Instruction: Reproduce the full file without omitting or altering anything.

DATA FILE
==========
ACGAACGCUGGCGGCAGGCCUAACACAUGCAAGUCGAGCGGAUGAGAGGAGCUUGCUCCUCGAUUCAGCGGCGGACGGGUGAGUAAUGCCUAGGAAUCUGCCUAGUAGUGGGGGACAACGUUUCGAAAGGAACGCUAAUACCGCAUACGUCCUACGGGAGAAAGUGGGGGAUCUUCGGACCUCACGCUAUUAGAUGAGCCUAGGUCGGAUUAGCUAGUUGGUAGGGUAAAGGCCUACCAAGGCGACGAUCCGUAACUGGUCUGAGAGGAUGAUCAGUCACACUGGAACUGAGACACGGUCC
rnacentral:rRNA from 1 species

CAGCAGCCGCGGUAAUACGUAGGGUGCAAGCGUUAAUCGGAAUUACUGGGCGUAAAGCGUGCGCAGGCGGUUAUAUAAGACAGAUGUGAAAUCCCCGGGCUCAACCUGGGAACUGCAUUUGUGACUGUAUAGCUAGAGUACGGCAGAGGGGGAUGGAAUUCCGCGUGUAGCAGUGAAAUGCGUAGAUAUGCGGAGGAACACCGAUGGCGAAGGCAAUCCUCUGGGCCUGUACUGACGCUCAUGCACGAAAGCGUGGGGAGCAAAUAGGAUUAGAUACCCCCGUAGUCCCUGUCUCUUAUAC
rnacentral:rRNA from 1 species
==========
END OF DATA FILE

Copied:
ACGAACGCUGGCGGCAGGCCUAACACAUGCAAGUCGAGCGGAUGAGAGGAGCUUGCUCCUCGAUUCAGCGGCGGACGGGUGAGUAAUGCCUAGGAAUCUGCCUAGUAGUGGGGGACAACGUUUCGAAAGGAACGCUAAUACCGCAUACGUCCUACGGGAGAAAGUGGGGGAUCUUCGGACCUCACGCUAUUAGAUGAGCCUAGGUCGGAUUAGCUAGUUGGUAGGGUAAAGGCCUACCAAGGCGACGAUCCGUAACUGGUCUGAGAGGAUGAUCAGUCACACUGGAACUGAGACACGGUCC
rnacentral:rRNA from 1 species

CAGCAGCCGCGGUAAUACGUAGGGUGCAAGCGUUAAUCGGAAUUACUGGGCGUAAAGCGUGCGCAGGCGGUUAUAUAAGACAGAUGUGAAAUCCCCGGGCUCAACCUGGGAACUGCAUUUGUGACUGUAUAGCUAGAGUACGGCAGAGGGGGAUGGAAUUCCGCGUGUAGCAGUGAAAUGCGUAGAUAUGCGGAGGAACACCGAUGGCGAAGGCAAUCCUCUGGGCCUGUACUGACGCUCAUGCACGAAAGCGUGGGGAGCAAAUAGGAUUAGAUACCCCCGUAGUCCCUGUCUCUUAUAC
rnacentral:rRNA from 1 species